Should I Practice My Sermon Delivery?

By Barry L. Davis

When I first began preaching I was extremely nervous. I had no experience in public speaking and was terrified to stand in front of a crowd. My first sermon took place while I was a freshman in Bible College. A fellow student had a weekend ministry at a rural church and asked me to fill in for him one Sunday. Once I had all my notes together I had my wife sit on the bed in our room at the back of our mobile home, stacked up some books on top of a dresser to use as a makeshift pulpit, and asked her to sit and listen to me while I practiced my sermon. She said it was good, but I knew she was just being nice.

Soon afterward I was able to acquire my own weekend ministry and even lived in the parsonage next to the church. Every Saturday I would take my notes over to the church, stand behind the pulpit, and practice my sermon with the empty pews in front of me. As I preached I would make notations in my manuscript whenever I felt a change was needed. By the time Sunday came around I stood there with pages of typewritten notes with handwritten scrawls in the margins, words crossed out, and sometimes even reminders to pause – all of this was the result of my practice, and it worked well for me.

While these days I do not practice from the pulpit, or from a stack of books in the bedroom, I still go over my notes in my office, and oftentimes I will use a stand or something else at hand that will be close in height to the pulpit I’ll use on Sunday. I generally go over my notes on Saturday evening and again early Sunday morning. And just like the old days, I keep my pen handy and make changes as I go.

So, should you practice your sermon before you preach? I believe that you should. Let me share some reasons why:

  1. Your word choices will be clarified. – Some of the words that come from your mind through your keyboard do not translate well when you say them out loud. Hearing your sermon will help you know for sure whether you’ve made the right choices.
  2. Your timing will improve. – The cadence of your sermon is more important than many people realize. Practicing your sermon will help you to build a rhythm that will help your audience to track with you and what you are trying to say.
  3. You will not need to rely on your notes as much. – Your practice time will make you more familiar with your message, which means you will not need to look at your notes nearly as often.
  4. You will learn what to emphasize. – As you speak the words out loud, the concepts and truths that need the most emphasis will become clear to you. Many times they are different than what you thought they should be when you were writing down your notes.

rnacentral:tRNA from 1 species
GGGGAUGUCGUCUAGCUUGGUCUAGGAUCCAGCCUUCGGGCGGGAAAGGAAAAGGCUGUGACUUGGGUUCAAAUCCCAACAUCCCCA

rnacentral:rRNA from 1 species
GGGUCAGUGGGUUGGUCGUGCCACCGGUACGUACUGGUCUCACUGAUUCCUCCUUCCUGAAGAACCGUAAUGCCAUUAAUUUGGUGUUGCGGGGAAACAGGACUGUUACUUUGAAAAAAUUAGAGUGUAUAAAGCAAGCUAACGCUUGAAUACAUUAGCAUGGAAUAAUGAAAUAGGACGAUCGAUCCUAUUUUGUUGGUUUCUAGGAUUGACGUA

5. You will know what to cut. – There will be words, phrases, and entire sections of your message that you will find just don’t work. Often illustrations that seemed perfect on the written page just don’t flow with the message when spoken out loud.
  6. Your confidence will grow. – When the words start flowing and changes are made, you will become more and more assured of the message God is giving you to deliver. You have prayed, studied, initially planned your message, and now have refined it to the point that you know it will have a powerful impact on your hearers.
  7. You will gain a brand new perspective. – I’m going to add a new wrinkle here: You need to occasionally record your sermon (preferably on video) while you practice and also when you deliver it to the church. This will help you to hear and see the same thing as your audience. You will hear and see some things that you don’t like – but that is a good thing – because it will help you to know specifically what types of things you need to change.

I would love to hear your thoughts and opinions below!

 

 

Barry L. Davis spent two decades as a Senior Pastor and started the ministry of The Pastor’s Helper in 1997. The Pastor’s Helper strives to provide tools and resources to help pastors succeed in their ministry calling. His latest book is God-Driven Leadership: A Call to Seeing, Believing, and Living in Accordance with Scriptural Principles.

13 comments

  • Dr Raymond Clayton

    A great read and so True.

    • Dr. Joanne Ward

      I definitely practice (read over and over again) mines even after 15 years. Every point you made is true and that is why I continue to do so.